Afghanistan Arrests Colonel For Turning Over Prisoners to Zakaria Kandahari

Please tell me which country follows the rule of law and which one is in the process of rebuilding its political and legal systems after war has left its government lawless and dominated by corruption.

I just can’t stay away from the continually unfolding story of the death squad in the Nerkh District of Maidan Wardak Province in Afghanistan. Recall that in this post, I came to the conclusion that the death squad seems virtually certain to have been run by the CIA or CIA contractors, making denials of involvement coming from the military meaningless. The role of the shady character known as Zakaria Kandahari, and especially his sudden and complete disappearance once the situation spiraled out of control, seems especially to fit that of someone under the control of a covert CIA paramilitary group that recruits and runs militia groups.

Today, Reuters is out with a report that gives this story yet another huge development. It appears that in the course of its investigations into the disappearance, torture and murders relating to a group of 18 missing men (with the New York Times telling us Saturday that up to 14 of those bodies have now been recovered), Afghanistan has now arrested a colonel in the Afghan army for turning prisoners over to the “rogue” militia:

An Afghan army colonel has been arrested by the government for illegally handing over prisoners to a man working with a U.S. special forces team that was accused of torture and killings, three sources have told Reuters.


A senior Afghan government official in Kabul and two officials with international organizations said the colonel, who was based in Wardak, had admitted to handing over several prisoners to a man known as Zakeria Kandahari, a shadowy figure who has spent years working with U.S. forces.

Note that Reuters says that Kandahari has worked “with US forces” for years and then consider the military’s response to this development:

A senior U.S. military official and the senior Afghan official based in Kabul said Kandahari was working with or for the Americans at the time the prisoners were handed over to him. The senior U.S. official told Reuters Kandahari had no official status with U.S. forces in Wardak.

Hmmm. So Kandahari had worked with US forces for years, but when pushed, the military says he “had no official status with US forces in Wardak”. But someone who is being run by the CIA’s paramilitary arm wouldn’t have official status with US forces, would they?

The article then goes on to quote an Afghan official as saying that poor judgment on the part of the colonel for turning the prisoners over to Kandahari  for quesitoning (presumably, when the colonel knew the prisoners would be tortured) when Kandahari had no official status was why he was arrested.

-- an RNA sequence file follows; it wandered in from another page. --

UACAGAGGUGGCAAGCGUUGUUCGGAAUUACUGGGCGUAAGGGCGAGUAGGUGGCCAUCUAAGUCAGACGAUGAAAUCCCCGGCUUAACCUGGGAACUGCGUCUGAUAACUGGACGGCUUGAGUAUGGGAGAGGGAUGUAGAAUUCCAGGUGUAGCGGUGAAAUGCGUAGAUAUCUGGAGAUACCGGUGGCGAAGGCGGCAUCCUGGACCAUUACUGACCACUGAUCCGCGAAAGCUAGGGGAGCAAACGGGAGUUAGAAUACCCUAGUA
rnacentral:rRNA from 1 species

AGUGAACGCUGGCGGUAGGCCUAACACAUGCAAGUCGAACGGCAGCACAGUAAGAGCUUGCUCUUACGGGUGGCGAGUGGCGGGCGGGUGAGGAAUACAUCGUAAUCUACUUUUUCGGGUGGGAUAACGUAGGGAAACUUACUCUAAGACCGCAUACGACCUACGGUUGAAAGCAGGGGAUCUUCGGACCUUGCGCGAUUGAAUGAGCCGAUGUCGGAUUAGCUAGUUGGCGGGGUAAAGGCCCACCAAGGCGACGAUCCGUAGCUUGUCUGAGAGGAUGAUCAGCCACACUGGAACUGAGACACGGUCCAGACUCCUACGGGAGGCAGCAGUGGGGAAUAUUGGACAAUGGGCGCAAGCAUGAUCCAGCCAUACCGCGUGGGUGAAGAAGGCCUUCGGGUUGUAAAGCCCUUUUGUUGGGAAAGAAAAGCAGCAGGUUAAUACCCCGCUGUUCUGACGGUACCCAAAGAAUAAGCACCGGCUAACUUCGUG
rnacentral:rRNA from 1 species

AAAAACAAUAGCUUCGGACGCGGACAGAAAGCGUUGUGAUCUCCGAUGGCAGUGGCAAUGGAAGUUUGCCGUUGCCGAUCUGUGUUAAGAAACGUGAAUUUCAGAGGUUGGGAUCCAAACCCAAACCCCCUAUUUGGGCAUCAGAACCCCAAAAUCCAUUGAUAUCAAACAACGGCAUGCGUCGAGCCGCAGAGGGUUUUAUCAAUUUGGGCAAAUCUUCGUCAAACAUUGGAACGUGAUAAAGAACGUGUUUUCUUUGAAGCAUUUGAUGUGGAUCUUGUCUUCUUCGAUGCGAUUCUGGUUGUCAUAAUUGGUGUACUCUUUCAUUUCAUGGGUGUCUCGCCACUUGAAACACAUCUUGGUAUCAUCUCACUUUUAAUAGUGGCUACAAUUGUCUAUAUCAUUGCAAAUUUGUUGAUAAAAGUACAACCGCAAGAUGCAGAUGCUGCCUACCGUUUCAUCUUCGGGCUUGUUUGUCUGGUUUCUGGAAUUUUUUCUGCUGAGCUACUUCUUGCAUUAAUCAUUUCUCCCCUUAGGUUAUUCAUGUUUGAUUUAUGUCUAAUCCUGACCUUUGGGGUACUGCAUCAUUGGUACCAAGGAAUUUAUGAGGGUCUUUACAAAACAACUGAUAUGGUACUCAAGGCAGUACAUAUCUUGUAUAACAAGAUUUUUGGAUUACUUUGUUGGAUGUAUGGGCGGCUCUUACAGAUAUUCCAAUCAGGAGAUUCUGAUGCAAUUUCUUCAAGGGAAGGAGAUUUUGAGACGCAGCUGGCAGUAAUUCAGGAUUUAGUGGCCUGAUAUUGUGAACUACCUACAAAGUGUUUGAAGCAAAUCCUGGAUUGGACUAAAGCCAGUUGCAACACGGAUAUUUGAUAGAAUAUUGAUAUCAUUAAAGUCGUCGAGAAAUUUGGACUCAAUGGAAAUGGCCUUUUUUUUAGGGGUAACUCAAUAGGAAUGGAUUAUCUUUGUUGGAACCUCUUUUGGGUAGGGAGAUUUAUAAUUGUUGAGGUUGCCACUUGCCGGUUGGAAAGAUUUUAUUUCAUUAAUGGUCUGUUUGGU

Despite pervasive and convincing evidence that the US has repeatedly committed this same crime of turning prisoners over to foreign groups who then torture them, not a single US person has been arrested for the crime Afghanistan now seems prepared to punish. As I noted previously in the dust-up over indefinite detention without charges at Afghan prisons, there are times when Afghanistan seems more committed to the rule of law than the US.

Update: AP is now reporting that hundreds of people have blocked a highway outside Kabul displaying more bodies they claim were freshly dug up near the Nerkh base:

Hundreds of Afghans blocked a major highway south of Kabul on Tuesday, carrying freshly dug-up bodies they claimed were victims of torture by U.S. special forces and demanding the Americans be arrested, officials said.


The three bodies were dug up earlier on Tuesday morning near a former U.S. special forces base in Nirkh district, according to Attaullah Khogyanai, the provincial governor’s spokesman. Six other bodies were unearthed there in the past few weeks.

As would be expected, the story quotes a US military official denying that US special force were involved. When will the Afghans start insisting on investigating the role of the CIA?


5 replies
  1. Garrett says:

    A previous example of Afghanistan enforcing the law, with a common Camp Gecko theme:

    Speaking from Pul-i-Charki prison, where he is appealing a murder conviction, Afghanzai described how the elite group he once led, that was raised by and answered to the CIA, launched raids on Taliban targets at a moment’s notice.

    Recruits were cherry-picked from regular Afghan Army units and trained by US Special Operations Forces at a place called Camp Gecko, he says. Blackhawk helicopters would deliver them to targets in neighboring Zabul and Uruzgan provinces, and Afghan President Hamid Karzai even sent the strike force letters of thanks after successful missions.

    After the US pulls out, will CIA rely more on Afghan mercenaries?, Julius Cavendish, Christian Science Monitor

    It’s a 2011 article, about a 2009 event. We can now safely get rid of the polite rhetorical question mark in the title.

  2. joanneleon says:

    @JamesJoyce: You read my mind.

    Holy… and all I can think is that this administration is really going to regret making enemies of people who buy ink by the barrel. I have not one shred of sympathy.

    Thanks, Jim, for sorting all of this out and for having been on this story for years.

  3. greengiant says:

    Was the Nerkh death squad one of the “black units” revealed by Bradley Manning in wikileaks? JSOC or private contractors they never exist in the public dialogue.
    Maybe the same kind of activity Sibel Edmonds reported about FBI meeting AQ in Baku to destabilize the Balkans in 2001. And just what destabilizing needed doing there with the help of AQ?

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